Scott Hood, GamecockCentral.com
South Carolina lost to Auburn, 35-27, Saturday night on the Plains of eastern Alabama. USC led after three quarters but four turnovers in the fourth quarter allowed AU to storm back. Here are five things we learned.
1. Alshon Jeffery Is A Monster, Part IV: How good can this guy be? Saturday night was yet another amazing performance by the Calhoun County product. He finished with eight receptions for 192 yards. With every catch he makes, the legend grows. Some of his receptions are downright insane. On one of his TD catches, Auburn tried to put a freshman cornerback on him. Mismatch City. Jeffery simply jumped up and caught the ball a few yards into the end zone.
Jeffery leads the SEC with 27 total receptions for 498 yards, an average of 18.4 yards per catch and 124.5 yards per game. The margin between Jeffery and the SEC's No. 2 receiver (Joe Adams of Arkansas) in average receiving yards per game is so wide you need binoculars. Sixty-nine of Jeffery's yards came on one reception in the third quarter. It was the second longest catch of his career.
2. Ellis Johnson Has A Lot Of Work To Do: Running quarterbacks have historically given USC fits and Saturday night was no different. The Gamecocks entered the game with the No. 1 rushing defense in the SEC, but their front seven was physically dominated by the Auburn O-Line. The result? 334 rushing yards by the Tigers. Johnson must find a way to turn things around before No. 1 Alabama comes to town on Oct. 9.
The Tide's offense is different in that QB Greg McElroy is not a runner like Auburn's Cameron Newton, but they are just as productive. Alabama features possibly the best 1-2 backfield combination in the country in Heisman Trophy winner Mark Ingram and sophomore Trent Richardson, who is seventh in the SEC in rushing. Unless USC shows significant improvement defending the run, they have little chance of toppling the defending national champions.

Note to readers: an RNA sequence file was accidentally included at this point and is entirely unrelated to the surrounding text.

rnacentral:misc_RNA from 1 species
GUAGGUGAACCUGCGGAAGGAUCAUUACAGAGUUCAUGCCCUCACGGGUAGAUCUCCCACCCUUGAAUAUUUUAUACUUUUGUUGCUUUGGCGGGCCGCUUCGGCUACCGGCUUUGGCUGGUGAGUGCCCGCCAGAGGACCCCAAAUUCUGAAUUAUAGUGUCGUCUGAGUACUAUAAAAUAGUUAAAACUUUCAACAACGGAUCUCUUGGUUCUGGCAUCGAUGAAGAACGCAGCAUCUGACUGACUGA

3. Stephen Garcia Should Be Required To Carry Around A Football for a Week: Old-time coaches had a trick when a running back or quarterback experienced fumbling problems, they would require that player to carry around a football as they went to classes, ate lunch, did whatever. Garcia's two inexcusable fourth-quarter fumbles were a pair of daggers to USC's hopes of pulling off a huge road win.
The first fumble came moments after Auburn had missed a chip shot 23-yard field on the first snap of the fourth quarter. But Garcia gave the ball right back to the Tigers. Less than five minutes later, he failed to hold onto the football while being sacked near midfield. Auburn recovered and drove for the insurance TD. Of course, Garcia doesn't deserve all the blame for what happened in the fourth quarter, but his two fumbles gave AU the momentum when USC had a chance to mount long scoring drives.
4. Missed Extra Points Always Haunt You: Extra points only appear meaningless. Miss one and you feel the impact. The missed extra point by Spencer Lanning in the second quarter (it appears the snap might have been mishandled by holder Seth Strickland) following a six-yard TD catch by Alshon Jeffery played a role in how the rest of the game played out. It certainly impacted the play-calling. For example, when Auburn moved ahead, 21-20, midway through the third quarter the score should have been tied. Same thing when they went up 28-27.
And you don't even have to mention the final drive when USC trailed by eight points and had to score a touchdown and make a two-point conversion to send the game to OT. Of course, USC fans have seen this before. Missed extra points played crucial roles in the 2005 and 2009 setbacks to Georgia in Athens. At this level, little things like a missed extra point will get you beat. Saturday night, it helped lead to USC's demise.
5. Winning On The Road In The SEC Is The Toughest Task In College Sports: ESPN's Beano Cook might be senile now, but something he said years ago still rings true: the SEC is the toughest conference in the country because it's the most difficult to win on the road. Saturday night, USC found out again how true that statement is. Jordan-Hare Stadium was rocking.
The student section was jammed 90 minutes before kickoff. The Auburn band was thoroughly entertaining. The 80,000 or so Auburn fans watching the game chanted, sang and screamed all night long. Most of the cheers are coordinated. The campus there is dripping 'Old School SEC' with the many traditions surrounding a home football game. Each time I go to a place like Auburn, I'm reminded again of how important it is for USC to improve its pre-game presentation at Williams-Brice Stadium. During the game, it's fine. Pre-game? Needs work.
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